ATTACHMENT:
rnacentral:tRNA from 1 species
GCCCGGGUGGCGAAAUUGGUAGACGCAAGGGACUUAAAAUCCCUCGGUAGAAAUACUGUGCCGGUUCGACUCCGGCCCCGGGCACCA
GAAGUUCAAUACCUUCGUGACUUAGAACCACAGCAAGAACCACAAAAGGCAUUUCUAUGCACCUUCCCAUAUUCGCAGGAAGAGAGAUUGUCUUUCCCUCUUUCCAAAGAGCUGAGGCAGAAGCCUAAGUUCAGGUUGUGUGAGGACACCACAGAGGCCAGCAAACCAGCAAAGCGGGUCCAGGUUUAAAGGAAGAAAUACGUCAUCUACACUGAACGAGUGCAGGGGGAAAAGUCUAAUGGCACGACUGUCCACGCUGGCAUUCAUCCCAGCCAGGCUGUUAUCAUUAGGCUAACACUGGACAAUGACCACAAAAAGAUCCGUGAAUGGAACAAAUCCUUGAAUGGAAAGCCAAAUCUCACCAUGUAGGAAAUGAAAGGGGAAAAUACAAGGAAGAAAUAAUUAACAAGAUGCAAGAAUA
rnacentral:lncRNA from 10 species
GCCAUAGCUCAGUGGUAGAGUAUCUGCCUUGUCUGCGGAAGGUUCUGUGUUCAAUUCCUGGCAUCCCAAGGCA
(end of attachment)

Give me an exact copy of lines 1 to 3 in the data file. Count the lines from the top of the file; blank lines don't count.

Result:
rnacentral:tRNA from 1 species
GCCCGGGUGGCGAAAUUGGUAGACGCAAGGGACUUAAAAUCCCUCGGUAGAAAUACUGUGCCGGUUCGACUCCGGCCCCGGGCACCA
GAAGUUCAAUACCUUCGUGACUUAGAACCACAGCAAGAACCACAAAAGGCAUUUCUAUGCACCUUCCCAUAUUCGCAGGAAGAGAGAUUGUCUUUCCCUCUUUCCAAAGAGCUGAGGCAGAAGCCUAAGUUCAGGUUGUGUGAGGACACCACAGAGGCCAGCAAACCAGCAAAGCGGGUCCAGGUUUAAAGGAAGAAAUACGUCAUCUACACUGAACGAGUGCAGGGGGAAAAGUCUAAUGGCACGACUGUCCACGCUGGCAUUCAUCCCAGCCAGGCUGUUAUCAUUAGGCUAACACUGGACAAUGACCACAAAAAGAUCCGUGAAUGGAACAAAUCCUUGAAUGGAAAGCCAAAUCUCACCAUGUAGGAAAUGAAAGGGGAAAAUACAAGGAAGAAAUAAUUAACAAGAUGCAAGAAUA